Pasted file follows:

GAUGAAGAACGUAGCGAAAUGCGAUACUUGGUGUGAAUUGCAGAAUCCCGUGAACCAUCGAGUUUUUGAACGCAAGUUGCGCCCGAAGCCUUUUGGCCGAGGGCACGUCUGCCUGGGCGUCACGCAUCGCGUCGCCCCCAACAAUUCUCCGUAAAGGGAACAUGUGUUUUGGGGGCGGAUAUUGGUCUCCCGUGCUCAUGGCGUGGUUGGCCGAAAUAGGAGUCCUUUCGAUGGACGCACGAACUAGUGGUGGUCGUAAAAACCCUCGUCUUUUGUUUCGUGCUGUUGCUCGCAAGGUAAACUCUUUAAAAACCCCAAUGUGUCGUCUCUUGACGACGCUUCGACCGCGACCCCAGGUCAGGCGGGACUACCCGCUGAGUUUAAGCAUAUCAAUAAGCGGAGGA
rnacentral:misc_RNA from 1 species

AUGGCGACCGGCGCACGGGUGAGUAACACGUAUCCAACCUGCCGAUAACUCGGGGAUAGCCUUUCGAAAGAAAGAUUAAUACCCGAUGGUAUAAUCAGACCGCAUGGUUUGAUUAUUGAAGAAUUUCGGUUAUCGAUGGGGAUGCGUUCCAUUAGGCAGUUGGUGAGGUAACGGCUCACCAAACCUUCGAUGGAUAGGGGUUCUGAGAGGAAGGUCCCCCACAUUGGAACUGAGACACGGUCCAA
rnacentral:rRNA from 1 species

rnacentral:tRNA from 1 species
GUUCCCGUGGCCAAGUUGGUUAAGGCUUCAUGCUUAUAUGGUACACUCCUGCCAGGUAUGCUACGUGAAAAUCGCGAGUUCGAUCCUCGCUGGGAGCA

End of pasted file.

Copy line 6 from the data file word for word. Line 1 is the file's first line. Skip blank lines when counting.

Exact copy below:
GUUCCCGUGGCCAAGUUGGUUAAGGCUUCAUGCUUAUAUGGUACACUCCUGCCAGGUAUGCUACGUGAAAAUCGCGAGUUCGAUCCUCGCUGGGAGCA